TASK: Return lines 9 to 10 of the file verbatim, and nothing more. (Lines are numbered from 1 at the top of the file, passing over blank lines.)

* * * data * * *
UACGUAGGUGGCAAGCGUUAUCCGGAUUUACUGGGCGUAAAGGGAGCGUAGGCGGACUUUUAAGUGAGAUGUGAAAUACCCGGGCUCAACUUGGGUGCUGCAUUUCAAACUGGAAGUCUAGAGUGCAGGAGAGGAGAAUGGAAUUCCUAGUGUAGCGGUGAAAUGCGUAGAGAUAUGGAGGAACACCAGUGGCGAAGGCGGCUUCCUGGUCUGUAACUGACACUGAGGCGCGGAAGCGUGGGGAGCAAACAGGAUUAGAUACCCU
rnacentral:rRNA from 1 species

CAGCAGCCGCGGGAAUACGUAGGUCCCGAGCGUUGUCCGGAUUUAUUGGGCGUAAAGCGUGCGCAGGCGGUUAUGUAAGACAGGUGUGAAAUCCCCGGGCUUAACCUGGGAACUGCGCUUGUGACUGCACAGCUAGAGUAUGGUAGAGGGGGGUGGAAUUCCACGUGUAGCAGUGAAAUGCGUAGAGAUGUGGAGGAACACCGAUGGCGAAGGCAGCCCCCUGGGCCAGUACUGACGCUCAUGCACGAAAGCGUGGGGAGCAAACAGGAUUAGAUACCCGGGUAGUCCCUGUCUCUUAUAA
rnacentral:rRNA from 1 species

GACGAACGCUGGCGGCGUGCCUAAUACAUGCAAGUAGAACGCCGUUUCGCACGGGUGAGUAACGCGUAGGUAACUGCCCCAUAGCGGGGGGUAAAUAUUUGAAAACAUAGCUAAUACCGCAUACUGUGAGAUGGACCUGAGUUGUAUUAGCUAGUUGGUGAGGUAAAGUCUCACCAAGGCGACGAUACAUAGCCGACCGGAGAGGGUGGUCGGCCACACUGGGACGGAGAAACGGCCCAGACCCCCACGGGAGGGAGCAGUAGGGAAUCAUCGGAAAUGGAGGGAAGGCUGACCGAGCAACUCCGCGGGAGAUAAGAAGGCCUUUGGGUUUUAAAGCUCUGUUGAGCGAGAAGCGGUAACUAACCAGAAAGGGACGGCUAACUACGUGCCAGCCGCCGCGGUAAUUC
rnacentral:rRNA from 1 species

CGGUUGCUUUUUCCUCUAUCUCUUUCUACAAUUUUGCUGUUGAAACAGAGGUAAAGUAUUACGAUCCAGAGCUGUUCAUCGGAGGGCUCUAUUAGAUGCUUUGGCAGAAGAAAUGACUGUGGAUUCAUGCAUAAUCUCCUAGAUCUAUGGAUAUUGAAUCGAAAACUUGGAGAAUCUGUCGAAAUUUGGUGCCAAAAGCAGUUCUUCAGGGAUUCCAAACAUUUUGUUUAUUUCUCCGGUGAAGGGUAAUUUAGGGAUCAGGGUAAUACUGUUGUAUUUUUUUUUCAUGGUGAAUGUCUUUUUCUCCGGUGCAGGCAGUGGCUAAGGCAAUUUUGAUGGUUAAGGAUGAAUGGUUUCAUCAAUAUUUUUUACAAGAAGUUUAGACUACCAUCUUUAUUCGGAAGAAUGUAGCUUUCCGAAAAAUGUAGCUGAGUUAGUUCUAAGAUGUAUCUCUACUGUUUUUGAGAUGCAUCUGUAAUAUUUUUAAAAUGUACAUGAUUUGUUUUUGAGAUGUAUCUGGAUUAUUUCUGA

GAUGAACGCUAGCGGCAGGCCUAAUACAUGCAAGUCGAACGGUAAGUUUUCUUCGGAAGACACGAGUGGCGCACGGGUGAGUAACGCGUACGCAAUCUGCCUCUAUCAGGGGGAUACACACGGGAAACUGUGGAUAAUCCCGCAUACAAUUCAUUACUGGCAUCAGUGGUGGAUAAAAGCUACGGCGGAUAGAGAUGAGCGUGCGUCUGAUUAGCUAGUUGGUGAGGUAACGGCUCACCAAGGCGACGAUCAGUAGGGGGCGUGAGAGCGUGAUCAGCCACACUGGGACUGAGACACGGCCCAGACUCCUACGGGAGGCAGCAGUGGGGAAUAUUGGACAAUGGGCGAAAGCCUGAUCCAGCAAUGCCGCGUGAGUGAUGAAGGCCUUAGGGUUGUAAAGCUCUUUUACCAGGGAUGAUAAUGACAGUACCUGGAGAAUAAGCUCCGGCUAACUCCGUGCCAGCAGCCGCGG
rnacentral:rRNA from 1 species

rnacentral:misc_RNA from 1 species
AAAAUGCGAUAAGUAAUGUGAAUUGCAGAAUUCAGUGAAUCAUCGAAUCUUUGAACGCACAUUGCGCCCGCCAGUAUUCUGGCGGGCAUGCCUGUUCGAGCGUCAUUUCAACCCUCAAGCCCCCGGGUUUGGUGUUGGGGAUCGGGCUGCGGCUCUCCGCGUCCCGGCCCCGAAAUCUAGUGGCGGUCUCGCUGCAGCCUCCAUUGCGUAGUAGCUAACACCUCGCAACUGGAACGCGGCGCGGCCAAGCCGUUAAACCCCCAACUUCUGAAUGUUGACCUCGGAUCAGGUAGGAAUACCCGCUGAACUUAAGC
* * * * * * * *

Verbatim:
rnacentral:rRNA from 1 species

rnacentral:misc_RNA from 1 species